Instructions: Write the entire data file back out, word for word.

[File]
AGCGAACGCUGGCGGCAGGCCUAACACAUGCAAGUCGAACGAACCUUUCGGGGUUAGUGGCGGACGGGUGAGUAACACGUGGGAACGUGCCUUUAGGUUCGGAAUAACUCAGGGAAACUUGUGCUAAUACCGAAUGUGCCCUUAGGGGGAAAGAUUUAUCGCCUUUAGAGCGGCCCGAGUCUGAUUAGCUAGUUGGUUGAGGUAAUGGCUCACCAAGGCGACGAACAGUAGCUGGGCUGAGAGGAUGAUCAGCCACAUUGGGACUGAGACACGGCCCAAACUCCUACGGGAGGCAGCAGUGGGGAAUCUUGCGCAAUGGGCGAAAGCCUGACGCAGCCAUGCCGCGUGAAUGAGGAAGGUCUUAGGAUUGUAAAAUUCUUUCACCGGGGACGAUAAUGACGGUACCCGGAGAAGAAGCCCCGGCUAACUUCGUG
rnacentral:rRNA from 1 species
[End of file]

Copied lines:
AGCGAACGCUGGCGGCAGGCCUAACACAUGCAAGUCGAACGAACCUUUCGGGGUUAGUGGCGGACGGGUGAGUAACACGUGGGAACGUGCCUUUAGGUUCGGAAUAACUCAGGGAAACUUGUGCUAAUACCGAAUGUGCCCUUAGGGGGAAAGAUUUAUCGCCUUUAGAGCGGCCCGAGUCUGAUUAGCUAGUUGGUUGAGGUAAUGGCUCACCAAGGCGACGAACAGUAGCUGGGCUGAGAGGAUGAUCAGCCACAUUGGGACUGAGACACGGCCCAAACUCCUACGGGAGGCAGCAGUGGGGAAUCUUGCGCAAUGGGCGAAAGCCUGACGCAGCCAUGCCGCGUGAAUGAGGAAGGUCUUAGGAUUGUAAAAUUCUUUCACCGGGGACGAUAAUGACGGUACCCGGAGAAGAAGCCCCGGCUAACUUCGUG
rnacentral:rRNA from 1 species